American Legion Auxiliary Unit 1244
Founded in 1919, the American Legion Auxiliary is the world’s largest women’s patriotic service organization. With a membership of nearly 800,000, local American Legion Auxiliary units have a strong presence in more than 9,000 communities nationwide.
The American Legion Auxiliary’s mission to serve veterans, the military and their families is carried out through its hundreds of outreach programs delivered by its members, volunteers and national headquarters.
A group of 20 officers who served in the American Expeditionary Forces (A. E. F.) were asked to suggest ideas on how to improve troop morale. One officer, U.S. Army Lieutenant Colonel Theodore Roosevelt, Jr., proposed an organization of veterans, which we know today as the American Legion.
After the formation of the American Legion, a number of women's organizations wanted to become the official affiliation of the Legion. The women who had served so faithfully during the trying days of the war wanted to continue to serve. After careful consideration, the committee agreed that a new organization should be made up of the women most closely associated with the men of The Legion, and that these women would serve with the Legion, in peace as they had in war. The committee decided to build a new organization from the ground up, so the Auxiliary could then carry forward the phases of Legion activities more suitably performed by women. In less than one year, 1,342 local units of the Women’s Auxiliary to the American Legion had been organized in more than 45 states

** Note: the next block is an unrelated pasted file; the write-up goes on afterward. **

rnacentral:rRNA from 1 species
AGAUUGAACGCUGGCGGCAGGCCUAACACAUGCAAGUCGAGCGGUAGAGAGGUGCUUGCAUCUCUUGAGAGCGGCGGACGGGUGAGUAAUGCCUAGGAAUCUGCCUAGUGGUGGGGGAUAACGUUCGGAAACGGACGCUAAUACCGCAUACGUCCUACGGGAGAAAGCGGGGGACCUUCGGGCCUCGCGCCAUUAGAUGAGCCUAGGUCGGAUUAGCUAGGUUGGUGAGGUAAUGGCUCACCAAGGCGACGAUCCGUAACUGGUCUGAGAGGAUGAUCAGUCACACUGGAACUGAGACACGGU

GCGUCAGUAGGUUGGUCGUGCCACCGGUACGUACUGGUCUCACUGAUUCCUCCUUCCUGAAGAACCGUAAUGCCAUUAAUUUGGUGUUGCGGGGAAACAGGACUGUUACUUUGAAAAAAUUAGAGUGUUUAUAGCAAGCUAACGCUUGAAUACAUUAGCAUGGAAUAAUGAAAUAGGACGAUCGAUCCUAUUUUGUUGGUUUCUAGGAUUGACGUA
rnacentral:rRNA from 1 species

The American Legion Auxiliary has been dedicated to serving veterans, military and their families for nearly 100 years. Auxiliary members exemplify Service Not Self through countless volunteer hours, programs, conferences and an increased presence in Washington, D.C. Although things have changed since the American Legion Auxiliary’s establishment in 1919, the one thing to remain the same is members’ unwavering commitment to honor those who serve.
Unit 1244 President